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Is Unemployment Really the Expense You Think It Is?

hr best practices hr compliance hr department hr essentials hr for small business hr management Jun 15, 2021

Unemployment expense is a line item in all businesses. What some managers don’t realize however is that unemployment is essentially an insurance product. The business is only responsible for a small amount paid per employee as an insurance premium. This then pays out to the unemployed with no additional cost to most businesses. As such, the cost to a business for a proper termination is not an overwhelming financial impact and should not be considered if it’s time to make a change.

How is unemployment calculated?

Unemployment insurance differs greatly from one state to another in the administration. The program itself is mandated by the Federal Government but regulated by the individual states.

Evaluate your current unemployment rate. You can find this number by looking at the tax rate in your payroll system. The rate you pay is a combination of the range your state sets, and the experience you have had with claims. The more claims you have, the higher your rate will be.  But if you manage your termination you’ll generally find the rate is fairly low.  Make sure to also know the salary cap for your state.  This is the salary at which the expense will stop.  So if your state has a salary cap of $15,000, you only pay unemployment on the first $15,000 of salary paid to each employee.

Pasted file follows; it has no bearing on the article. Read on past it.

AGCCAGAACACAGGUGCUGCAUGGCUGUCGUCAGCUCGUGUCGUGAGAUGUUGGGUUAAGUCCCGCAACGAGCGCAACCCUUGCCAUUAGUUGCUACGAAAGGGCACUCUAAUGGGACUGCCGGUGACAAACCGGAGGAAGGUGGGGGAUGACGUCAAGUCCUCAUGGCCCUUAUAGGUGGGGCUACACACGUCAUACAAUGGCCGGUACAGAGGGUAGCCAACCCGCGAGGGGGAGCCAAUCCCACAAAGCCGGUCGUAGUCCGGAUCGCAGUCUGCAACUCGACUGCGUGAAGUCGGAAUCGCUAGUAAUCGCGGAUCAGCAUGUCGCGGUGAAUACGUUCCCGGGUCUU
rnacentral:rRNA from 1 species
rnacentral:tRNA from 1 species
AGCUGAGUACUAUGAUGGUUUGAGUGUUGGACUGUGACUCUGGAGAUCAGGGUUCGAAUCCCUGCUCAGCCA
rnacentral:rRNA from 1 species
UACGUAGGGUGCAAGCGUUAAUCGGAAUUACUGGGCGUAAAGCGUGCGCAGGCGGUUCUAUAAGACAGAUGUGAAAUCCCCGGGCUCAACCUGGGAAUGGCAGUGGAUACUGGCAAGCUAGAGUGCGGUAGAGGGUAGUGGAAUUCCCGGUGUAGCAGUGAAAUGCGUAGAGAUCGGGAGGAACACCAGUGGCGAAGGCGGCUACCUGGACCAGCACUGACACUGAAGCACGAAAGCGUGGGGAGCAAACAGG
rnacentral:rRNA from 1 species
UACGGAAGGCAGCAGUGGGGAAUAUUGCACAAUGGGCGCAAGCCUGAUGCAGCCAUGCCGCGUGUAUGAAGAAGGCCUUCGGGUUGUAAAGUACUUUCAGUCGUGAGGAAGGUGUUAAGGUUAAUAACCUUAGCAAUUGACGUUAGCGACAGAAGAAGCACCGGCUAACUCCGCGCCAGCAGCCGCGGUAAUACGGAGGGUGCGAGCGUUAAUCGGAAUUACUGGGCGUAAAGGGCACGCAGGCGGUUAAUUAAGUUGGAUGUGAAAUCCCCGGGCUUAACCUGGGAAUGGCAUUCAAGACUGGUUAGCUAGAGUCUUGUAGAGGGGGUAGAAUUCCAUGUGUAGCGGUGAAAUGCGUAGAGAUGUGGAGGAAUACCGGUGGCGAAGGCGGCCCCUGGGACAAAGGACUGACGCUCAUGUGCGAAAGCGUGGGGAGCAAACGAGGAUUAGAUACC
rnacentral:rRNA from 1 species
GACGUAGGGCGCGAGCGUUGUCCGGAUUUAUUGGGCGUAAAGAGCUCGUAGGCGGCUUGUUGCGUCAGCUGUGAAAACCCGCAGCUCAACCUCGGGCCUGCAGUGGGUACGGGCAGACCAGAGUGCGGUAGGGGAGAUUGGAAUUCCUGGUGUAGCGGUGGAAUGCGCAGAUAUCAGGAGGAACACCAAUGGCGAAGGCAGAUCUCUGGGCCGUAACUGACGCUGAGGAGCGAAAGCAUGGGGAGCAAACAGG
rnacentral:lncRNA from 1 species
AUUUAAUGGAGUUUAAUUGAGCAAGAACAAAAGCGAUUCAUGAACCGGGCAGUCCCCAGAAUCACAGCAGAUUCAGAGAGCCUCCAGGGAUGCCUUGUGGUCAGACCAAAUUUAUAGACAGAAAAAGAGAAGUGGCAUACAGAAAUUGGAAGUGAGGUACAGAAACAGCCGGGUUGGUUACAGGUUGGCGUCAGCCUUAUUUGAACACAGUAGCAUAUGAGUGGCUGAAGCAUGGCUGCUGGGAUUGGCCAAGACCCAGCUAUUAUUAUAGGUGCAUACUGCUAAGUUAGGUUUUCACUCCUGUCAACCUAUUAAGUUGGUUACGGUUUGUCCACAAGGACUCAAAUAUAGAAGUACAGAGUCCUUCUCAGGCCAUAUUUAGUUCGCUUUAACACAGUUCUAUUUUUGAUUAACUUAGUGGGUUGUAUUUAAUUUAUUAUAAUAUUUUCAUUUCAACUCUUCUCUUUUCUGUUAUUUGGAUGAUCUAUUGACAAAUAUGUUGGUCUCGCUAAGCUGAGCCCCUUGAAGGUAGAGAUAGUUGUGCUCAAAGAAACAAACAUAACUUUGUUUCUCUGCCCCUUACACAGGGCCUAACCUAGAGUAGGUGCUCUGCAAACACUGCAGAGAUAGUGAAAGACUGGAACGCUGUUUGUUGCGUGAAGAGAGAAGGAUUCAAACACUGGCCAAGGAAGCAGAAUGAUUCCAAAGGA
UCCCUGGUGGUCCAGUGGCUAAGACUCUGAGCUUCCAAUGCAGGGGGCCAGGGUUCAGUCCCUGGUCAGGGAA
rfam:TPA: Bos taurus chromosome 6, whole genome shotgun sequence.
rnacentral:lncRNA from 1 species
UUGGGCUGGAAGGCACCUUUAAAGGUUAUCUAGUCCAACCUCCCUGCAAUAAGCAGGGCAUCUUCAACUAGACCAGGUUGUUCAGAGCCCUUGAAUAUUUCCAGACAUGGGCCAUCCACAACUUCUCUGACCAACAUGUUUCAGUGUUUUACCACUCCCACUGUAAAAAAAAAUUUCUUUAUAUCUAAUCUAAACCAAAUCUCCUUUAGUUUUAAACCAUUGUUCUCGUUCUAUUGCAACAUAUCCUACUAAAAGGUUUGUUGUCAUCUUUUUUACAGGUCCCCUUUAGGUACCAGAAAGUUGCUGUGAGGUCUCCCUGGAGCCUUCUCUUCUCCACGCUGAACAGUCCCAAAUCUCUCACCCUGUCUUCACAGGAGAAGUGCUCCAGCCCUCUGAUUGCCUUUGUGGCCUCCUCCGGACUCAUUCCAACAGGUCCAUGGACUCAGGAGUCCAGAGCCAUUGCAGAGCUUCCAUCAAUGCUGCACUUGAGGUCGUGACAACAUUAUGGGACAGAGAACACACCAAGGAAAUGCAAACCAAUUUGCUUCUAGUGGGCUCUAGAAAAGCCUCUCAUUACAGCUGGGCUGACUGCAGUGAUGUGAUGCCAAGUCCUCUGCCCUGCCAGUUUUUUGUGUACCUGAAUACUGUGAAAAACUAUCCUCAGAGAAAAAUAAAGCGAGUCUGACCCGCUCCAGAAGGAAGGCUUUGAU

If you have a great deal of turnover, your cost of unemployment insurance will increase. Each state has a salary cap on the insurance, so the more people that are hired and starting at zero the higher your total expense at year end. Likely, you will have to pay unemployment taxes on some employees that do not stay with your company all year and contribute to your high unemployment. For this reason, we recommend you to look at the total W2’s issued last year for analysis.

What can you do about unemployment insurance?

Fighting unemployment claims is a frustrating and time-consuming activity. Consider the impact if you can reduce your rate by even 1 %. If it is a significant number to your organization, we encourage you to engage the activities below. If the number is not a driver in your operation, then unemployment may not be worth a great deal of attention.

To reduce unemployment expense, consider these actions:

  • Improved hiring; check out a past blog post on recruiting.
  • Know the amount of time your state allows you to "test" an employee. This IS NOT your introductory period in your handbook. Many states will allow a period of time you can separate an employee and not be responsible for the unemployment.
  • Document the issues with performance and have employee sign notices of poor performance.
  • Provide a suspension without pay prior to termination.

Whether you determine unemployment tax is critical to your business or not, as a leader and/or HR professional, understanding how the number is calculated is an important part of running your business.

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